Analysis Of Xerxes By John Mackey

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The next musical work performed by the Alabama Concert Band was entitled Xerxes by John Mackey. This piece begins in a very disjointed and seemingly unappealing way, as the low brass and percussion begin with a homophonic rhythm. The tempo is one of moderato, as it is not fast, yet all slow either. All of the notes are staccato and separate from neighboring notes, which creates a sound that may seem strange or odd at first listen. It is written in a chromatic key, with no clear major or minor tonality. After the homophonic beginning of unison rhythms, Xerxes transitions into a monophonic woodwind feature that weaves its way through the flutes, clarinets, and saxophones. After this another monophonic flute solo takes precedence with a …show more content…
The disjointed, staccato notes aid in this interpretation along with the metallic and cold sounds coming from the percussion section. While the piece has the sounds of a twenty-first century creation, the name Xerxes actually may refer to Xerxes I, a king of the Achaemenid dynasty of Persia. The overall feelings associated with the piece still apply, however, as the piece may symbolize a great ruler preparing for war. The nobility of the brass section and forte to fortissimo dynamics of the work also aid in reaffirming this meaning. After the initial brass features, however, the piece focuses in on this idea of a past ruler of a foreign land, as the woodwind solos present modalities that are not common in Western …show more content…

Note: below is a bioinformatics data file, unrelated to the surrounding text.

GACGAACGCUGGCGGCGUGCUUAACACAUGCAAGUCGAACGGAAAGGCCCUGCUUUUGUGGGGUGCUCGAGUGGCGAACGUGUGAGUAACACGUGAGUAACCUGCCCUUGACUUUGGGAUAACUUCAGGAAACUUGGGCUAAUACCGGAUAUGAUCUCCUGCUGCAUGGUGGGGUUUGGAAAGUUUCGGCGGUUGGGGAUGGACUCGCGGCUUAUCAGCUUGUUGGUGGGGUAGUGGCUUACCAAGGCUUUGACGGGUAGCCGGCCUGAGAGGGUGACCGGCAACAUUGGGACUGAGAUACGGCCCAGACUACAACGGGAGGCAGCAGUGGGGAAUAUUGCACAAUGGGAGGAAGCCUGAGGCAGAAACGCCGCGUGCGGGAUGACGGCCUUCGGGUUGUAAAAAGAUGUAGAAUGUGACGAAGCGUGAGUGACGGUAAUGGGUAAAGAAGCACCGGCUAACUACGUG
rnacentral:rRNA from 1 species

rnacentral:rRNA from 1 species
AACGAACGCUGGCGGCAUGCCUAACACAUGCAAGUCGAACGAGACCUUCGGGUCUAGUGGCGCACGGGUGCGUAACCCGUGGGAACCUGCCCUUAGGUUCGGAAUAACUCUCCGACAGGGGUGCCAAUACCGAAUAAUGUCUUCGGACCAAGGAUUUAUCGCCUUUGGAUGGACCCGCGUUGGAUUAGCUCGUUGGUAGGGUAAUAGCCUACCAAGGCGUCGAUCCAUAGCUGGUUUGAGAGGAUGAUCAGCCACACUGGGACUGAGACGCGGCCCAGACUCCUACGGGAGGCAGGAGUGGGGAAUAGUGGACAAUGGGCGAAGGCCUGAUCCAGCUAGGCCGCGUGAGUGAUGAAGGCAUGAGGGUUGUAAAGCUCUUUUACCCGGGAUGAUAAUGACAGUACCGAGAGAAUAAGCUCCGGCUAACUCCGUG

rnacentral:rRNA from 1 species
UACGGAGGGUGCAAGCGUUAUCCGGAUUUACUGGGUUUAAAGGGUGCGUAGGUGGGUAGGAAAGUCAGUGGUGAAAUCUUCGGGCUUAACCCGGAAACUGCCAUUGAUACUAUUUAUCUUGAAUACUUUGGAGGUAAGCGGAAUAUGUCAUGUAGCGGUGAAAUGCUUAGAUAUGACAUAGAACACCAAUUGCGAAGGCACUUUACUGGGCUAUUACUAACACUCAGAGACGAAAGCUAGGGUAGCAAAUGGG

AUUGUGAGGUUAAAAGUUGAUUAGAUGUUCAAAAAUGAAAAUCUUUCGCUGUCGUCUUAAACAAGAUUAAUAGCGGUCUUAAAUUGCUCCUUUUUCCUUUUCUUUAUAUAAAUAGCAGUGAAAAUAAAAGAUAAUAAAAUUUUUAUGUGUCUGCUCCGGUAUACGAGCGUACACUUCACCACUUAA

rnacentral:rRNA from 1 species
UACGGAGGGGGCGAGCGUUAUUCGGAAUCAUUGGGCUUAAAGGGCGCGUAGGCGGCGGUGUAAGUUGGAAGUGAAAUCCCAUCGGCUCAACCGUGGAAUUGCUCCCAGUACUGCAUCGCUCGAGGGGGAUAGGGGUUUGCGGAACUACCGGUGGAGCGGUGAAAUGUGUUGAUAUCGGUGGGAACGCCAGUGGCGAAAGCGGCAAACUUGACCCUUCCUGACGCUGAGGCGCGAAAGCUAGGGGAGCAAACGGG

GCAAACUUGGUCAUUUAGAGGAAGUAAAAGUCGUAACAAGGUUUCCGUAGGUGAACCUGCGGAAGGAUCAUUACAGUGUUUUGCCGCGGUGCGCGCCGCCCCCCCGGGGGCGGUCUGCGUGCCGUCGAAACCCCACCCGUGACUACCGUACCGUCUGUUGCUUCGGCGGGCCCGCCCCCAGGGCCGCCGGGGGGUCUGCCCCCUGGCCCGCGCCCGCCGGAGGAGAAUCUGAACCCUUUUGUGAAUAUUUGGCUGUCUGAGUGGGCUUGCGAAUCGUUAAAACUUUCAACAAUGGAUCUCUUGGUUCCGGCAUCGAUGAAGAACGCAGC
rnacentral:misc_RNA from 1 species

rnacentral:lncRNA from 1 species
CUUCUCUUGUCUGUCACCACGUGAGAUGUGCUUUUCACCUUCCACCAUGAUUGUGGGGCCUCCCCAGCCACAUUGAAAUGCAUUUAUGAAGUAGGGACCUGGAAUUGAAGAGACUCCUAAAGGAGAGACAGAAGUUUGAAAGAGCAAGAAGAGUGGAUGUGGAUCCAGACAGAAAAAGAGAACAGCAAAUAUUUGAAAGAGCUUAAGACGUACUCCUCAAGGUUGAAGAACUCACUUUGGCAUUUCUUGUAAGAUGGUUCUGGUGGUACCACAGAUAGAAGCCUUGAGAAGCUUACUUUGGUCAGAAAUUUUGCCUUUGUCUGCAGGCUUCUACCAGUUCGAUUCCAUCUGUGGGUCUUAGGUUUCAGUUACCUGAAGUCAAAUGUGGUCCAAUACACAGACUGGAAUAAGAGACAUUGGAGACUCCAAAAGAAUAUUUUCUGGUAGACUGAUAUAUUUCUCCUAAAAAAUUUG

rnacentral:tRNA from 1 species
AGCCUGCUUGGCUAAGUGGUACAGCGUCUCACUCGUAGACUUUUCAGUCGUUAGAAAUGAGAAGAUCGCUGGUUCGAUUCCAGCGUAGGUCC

This piece begins with a tranquil woodwind choir with other instruments gradually joining in. The tempo is andante, as it is moderately slow, yet more of a simple pace. This work takes advantage of dynamics heavily, as it varies from pianissimo with a solo flute to a gorgeous and strong fortissimo dynamic of the whole ensemble. This piece also varies in texture quite a bit, as it alternates between monophonic soloist sections and grand homophonic sections of the whole band. Most of the melodic lines are smooth and legato, yet are disrupted by the pointed and staccato figures of the percussion section that underscore the longer lines of the wind instruments. The key of this piece is major, as it expresses feelings of joy and simple happiness. For a short bit, the piece does vary its texture to polyphonic, as the low brass section takes the melody while the woodwinds and upper brass fill in other parts on top of this. The piece finally concludes with a last grand statement of the theme at a fortissimo dynamic, giving it a sense of finality to the beautiful

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